Chennai: Hathway Cable and Datacom, the cable Internet service provider, has decided to invest Rs 3 crore in its Chennai operations. Much of this investment will go towards expanding the company's 'apartment' business (connecting different flats in a complex using a router).
The company entered the apartment segment some time ago. Currently, this segment constitutes 5 per cent of the company's total business. In the south, Hathway offers cable Internet services in Chennai, Bangalore and Hyderabad. In all these cities, Hathway is concentrating in upmarket areas with a large number of personal computers.
In Chennai, the company's focus is in the areas of Kilpauk, Anna Nagar and Anna Salai, the city's commercial hubs. ''We have 80 connections in Anna Salai. Since the area is populated with corporates, the decision-making cycle is a bit long, as some corporates have to get their sanction from the head-offices,'' says Hathway manager (business development, Chennai) Arun M Rao.
Giving an overall view of the southern operations, Hathway head (sales, marketing and customer services: south India) Karthik Bhaskaran says: ''In Bangalore, we get 150 enquires every day and the conversion ratio is also good. In Hyderabad we are concentrating in areas like Banjara Hills and Jubilee Hills.''
According to Bhaskaran, the subscriber profile in the three cities is similar. ''Five per cent of our subscribers are apartment / router customers; 80 per cent are subscribers to our 'Silver' schemes (predominantly home); 13 per cent are 'Gold' scheme customers (largely commercial); the balance are leased lines and others.''
''Currently our subscriber base is 3,500 (Chennai: 1,300; Bangalore: 1,600; Hyderabad: 300). We will be targeting 40,000 PC-owners in the three cities,'' adds Bhaskaran. In terms of revenue, the average billing is higher in Bangalore than the other two cities. ''Chennai customers are conscious of the download limits and do not generally exceed their monthly limits.''
The company's recent thrust on selling modems and converting low-value surfing subscribers to higher scales through innovative schemes is showing good results. ''The own-your-modem scheme is getting encouraging response in Chennai and Bangalore. Unlike the earlier subscribers, new clients are buying modems. This saves us the bother of investing in modems and taking care of repairs and servicing,'' says Bhaskaran.
Another trend is that more subscribers are going in for yearly plan - a good sign. But in Hyderabad, where the company's service is new, clients are seeking to rent the modem so as to get the feel of the service before buying it.
But, competition is becoming stiffer day by day. In Chennai, Dishnet is offering cable Internet for Rs 995 per month and is the only serious competitor for Hathway. However, Dishnet's initial registration charge is quite stiff. The other two players, Cyberwave Internet Solutions and KMR Online, are yet to make their mark.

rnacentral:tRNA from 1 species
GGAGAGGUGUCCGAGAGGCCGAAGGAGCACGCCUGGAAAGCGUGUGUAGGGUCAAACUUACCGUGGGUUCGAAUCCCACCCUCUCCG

In Bangalore and Hyderabad, many neighbourhood Internet service providers are connecting homes using local area network (LAN) connectivity at low rates and without any download restrictions. These networks are giving Hathway a run for its money.
And in Bangalore, another big player, Zee Interactive Multimedia, also offers LAN connectivity, apart from the usual cable Internet via cable modem. Says Bhaskaran: ''In Bangalore, Zee Interactive does not operate in the areas we have wired. Further, LAN players do not stick to the 1-km radius, thereby affecting their service delivery.''
But, in terms of rates, Hathway is cheaper than Zee Interactive in the Bangalore home segment. For instance, while Hathway charges Rs 1,000 per month for 500-MB download and Rs 2 for every additional MB, Zee Interactive bills Rs 1,500 per PC per month for 500-MB downloads and Rs 3 per every additional MB downloads. Further, Zee Interactive's modem costs more than Hathway's.
In Kerala, Asianet India, a Hathway group company, offers cable Internet and cable modem at a far cheaper price.
Agreeing that Dishnet is a serious threat in all the cities, Bhaskaran is confident that his service quality will bring in new clients, mainly from positive referrals. ''Currently, 80 per cent of our new clients were referred to us by our existing clients. When other telecom players like Reliance Infocomm, Bharti and Tata Teleservices enter in a big way, we will suitably alter our business model.''
Though Hathway has introduced value-added services like net-telephony and virtual private network (VPN) in Mumbai, Bhaskaran says that such offerings will reach south India only next year. Currently, the company sources bandwidth of 30 MB (10 MB in Chennai; 14 MB in Bangalore; 6MB in Hyderabad).
Hathway, in the meantime, is gearing up towards ISO certification for its Internet service operations. ''We will be the first cable ISP in India to go for ISO quality certification,'' says Bhaskaran.